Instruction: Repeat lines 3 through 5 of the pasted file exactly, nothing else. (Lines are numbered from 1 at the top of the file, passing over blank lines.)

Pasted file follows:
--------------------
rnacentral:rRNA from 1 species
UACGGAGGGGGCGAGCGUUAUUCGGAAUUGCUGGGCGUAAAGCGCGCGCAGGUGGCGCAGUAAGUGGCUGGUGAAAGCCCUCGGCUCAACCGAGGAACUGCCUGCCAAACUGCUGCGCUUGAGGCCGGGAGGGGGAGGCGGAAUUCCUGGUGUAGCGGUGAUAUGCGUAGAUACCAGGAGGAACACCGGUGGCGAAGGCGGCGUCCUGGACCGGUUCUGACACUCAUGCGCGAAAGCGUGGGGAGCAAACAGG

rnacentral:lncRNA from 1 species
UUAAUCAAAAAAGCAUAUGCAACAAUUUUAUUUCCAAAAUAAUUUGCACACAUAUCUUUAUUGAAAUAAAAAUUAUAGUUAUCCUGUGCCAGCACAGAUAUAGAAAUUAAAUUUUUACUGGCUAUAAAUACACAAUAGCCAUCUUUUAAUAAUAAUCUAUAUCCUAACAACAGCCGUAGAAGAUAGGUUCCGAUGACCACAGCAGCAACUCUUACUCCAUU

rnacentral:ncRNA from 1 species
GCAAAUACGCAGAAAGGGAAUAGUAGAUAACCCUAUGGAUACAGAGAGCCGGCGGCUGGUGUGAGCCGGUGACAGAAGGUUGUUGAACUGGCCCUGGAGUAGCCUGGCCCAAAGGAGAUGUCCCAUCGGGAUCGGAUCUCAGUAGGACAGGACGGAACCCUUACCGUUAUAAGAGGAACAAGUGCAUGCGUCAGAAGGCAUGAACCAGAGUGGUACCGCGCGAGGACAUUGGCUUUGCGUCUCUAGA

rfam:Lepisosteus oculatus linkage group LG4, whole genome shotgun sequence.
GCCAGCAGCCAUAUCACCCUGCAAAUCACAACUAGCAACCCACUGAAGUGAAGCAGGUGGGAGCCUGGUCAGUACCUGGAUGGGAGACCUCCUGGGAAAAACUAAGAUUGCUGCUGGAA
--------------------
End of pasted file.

rnacentral:lncRNA from 1 species
UUAAUCAAAAAAGCAUAUGCAACAAUUUUAUUUCCAAAAUAAUUUGCACACAUAUCUUUAUUGAAAUAAAAAUUAUAGUUAUCCUGUGCCAGCACAGAUAUAGAAAUUAAAUUUUUACUGGCUAUAAAUACACAAUAGCCAUCUUUUAAUAAUAAUCUAUAUCCUAACAACAGCCGUAGAAGAUAGGUUCCGAUGACCACAGCAGCAACUCUUACUCCAUU

rnacentral:ncRNA from 1 species